It Can’t Happen Here is my second post-election read (after The Plot Against America by Philip Roth) that some political writers have been saying might foreshadow the United States under the presidency of Donald Trump.

Sinclair Lewis wrote this book in 1935, and the writing style of that era (or maybe just his personal writing style in general) made this a tougher read for me. It’s also more politically complex than The Plot Against America, in some points getting into explanations of differences between socialism and communism, etc. Analysis of this book could go several different directions, but I’m going to keep things simple here.

In a nutshell, ‘Buzz’ Windrip, a populist candidate emerges in the Democratic party and wins the party’s 1936 Presidential nomination from FDR. The Republicans field an uninspiring alternative, and Roosevelt decides to run on his own as a third party candidate. Windrip (supposedly based on Huey Long), promises a $5,000 yearly income for each citizen. If elected, he also demands control over Congress, and that the Supreme Court become subservient to his will. His demands also include marginalizing African-Americans, Jews and labor unions.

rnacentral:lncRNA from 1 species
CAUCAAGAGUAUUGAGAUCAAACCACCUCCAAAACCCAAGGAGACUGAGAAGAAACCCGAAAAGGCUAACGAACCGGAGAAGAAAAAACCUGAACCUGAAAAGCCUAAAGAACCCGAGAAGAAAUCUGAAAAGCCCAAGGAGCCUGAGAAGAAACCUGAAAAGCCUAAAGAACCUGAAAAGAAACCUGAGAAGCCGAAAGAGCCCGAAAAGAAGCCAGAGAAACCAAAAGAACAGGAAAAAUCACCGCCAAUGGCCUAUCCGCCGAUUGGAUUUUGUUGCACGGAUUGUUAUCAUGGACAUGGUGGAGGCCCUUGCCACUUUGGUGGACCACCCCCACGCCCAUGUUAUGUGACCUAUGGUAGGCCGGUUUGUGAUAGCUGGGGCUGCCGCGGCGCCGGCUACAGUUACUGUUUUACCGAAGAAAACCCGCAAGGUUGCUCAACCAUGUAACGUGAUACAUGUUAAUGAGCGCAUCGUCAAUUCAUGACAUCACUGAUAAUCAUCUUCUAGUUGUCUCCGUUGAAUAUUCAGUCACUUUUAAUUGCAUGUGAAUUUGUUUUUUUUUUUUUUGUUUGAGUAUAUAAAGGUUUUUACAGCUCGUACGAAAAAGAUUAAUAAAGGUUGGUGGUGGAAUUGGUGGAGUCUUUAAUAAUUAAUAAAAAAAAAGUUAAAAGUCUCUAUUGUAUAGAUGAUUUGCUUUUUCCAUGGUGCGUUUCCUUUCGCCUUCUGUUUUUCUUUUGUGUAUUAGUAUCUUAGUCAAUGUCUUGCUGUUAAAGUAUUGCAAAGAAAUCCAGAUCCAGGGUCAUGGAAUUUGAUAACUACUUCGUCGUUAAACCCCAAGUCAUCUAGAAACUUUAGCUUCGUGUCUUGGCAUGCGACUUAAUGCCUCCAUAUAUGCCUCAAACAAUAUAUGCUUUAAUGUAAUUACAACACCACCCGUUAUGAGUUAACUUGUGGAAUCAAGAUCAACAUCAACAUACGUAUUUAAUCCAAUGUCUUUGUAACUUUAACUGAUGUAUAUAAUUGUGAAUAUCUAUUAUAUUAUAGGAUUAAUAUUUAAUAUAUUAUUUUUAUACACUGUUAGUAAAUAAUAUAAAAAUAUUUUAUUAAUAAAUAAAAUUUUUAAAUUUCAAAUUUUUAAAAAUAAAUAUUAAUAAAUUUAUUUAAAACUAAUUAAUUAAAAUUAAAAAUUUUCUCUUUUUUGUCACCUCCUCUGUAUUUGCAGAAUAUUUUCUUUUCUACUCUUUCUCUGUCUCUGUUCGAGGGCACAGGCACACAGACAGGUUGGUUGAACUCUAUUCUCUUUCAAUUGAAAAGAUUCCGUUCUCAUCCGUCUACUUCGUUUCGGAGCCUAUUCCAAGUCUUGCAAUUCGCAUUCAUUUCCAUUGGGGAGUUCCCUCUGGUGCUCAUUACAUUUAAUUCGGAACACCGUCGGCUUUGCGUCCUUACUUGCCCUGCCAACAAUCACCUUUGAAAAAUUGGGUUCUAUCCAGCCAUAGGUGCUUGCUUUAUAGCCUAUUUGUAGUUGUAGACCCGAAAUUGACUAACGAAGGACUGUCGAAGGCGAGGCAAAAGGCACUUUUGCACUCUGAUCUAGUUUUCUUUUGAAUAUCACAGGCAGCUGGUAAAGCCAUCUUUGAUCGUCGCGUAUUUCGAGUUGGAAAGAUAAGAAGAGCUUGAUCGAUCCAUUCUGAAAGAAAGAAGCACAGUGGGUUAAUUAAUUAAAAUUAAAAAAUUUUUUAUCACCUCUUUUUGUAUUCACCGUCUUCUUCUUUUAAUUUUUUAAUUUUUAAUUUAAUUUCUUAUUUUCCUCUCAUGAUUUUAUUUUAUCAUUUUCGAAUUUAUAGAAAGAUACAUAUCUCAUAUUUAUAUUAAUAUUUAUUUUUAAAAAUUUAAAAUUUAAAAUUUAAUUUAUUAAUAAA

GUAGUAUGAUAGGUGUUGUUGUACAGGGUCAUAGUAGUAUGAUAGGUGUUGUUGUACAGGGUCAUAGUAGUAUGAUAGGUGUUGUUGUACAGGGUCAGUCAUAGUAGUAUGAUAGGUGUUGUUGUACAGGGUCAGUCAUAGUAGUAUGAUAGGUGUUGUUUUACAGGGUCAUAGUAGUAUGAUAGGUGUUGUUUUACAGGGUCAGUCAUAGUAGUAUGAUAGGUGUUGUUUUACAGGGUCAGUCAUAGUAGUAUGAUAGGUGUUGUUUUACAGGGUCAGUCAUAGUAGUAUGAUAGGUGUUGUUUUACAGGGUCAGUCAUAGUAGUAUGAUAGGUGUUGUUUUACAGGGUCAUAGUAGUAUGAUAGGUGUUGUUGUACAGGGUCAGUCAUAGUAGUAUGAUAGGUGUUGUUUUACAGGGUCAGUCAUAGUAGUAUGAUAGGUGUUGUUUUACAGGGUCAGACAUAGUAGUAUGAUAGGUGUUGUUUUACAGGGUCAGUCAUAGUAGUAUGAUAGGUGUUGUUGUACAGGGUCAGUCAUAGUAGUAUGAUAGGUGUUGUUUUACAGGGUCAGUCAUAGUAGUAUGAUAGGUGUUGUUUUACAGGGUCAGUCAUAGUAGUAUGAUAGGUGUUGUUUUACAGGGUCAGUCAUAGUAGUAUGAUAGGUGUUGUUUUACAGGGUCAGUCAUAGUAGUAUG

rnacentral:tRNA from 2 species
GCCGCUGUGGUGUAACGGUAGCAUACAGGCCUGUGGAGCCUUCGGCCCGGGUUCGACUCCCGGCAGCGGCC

Windrip wins the election, and as you can probably guess from his demands, things go downhill. The ruling party begins calling themselves Corporatists, or often simply “Corpos.” The government forms a paramilitary force separate from the regular U.S. military to enforce the party’s rules.

The story is told primarily through the eyes of Doremus Jessup, a Vermont newspaper owner-editor who prints articles critical of the Corpos, which leads to hardship and tragedy for himself, his family, and his friends. Even after it’s clear that Fascists have taken over, Jessup remains in denial. “It can’t happen here,” he says at several points in the story.

I gave It Can’t Happen Here three stars on Goodreads – primarily because of the difficulty I had in reading it.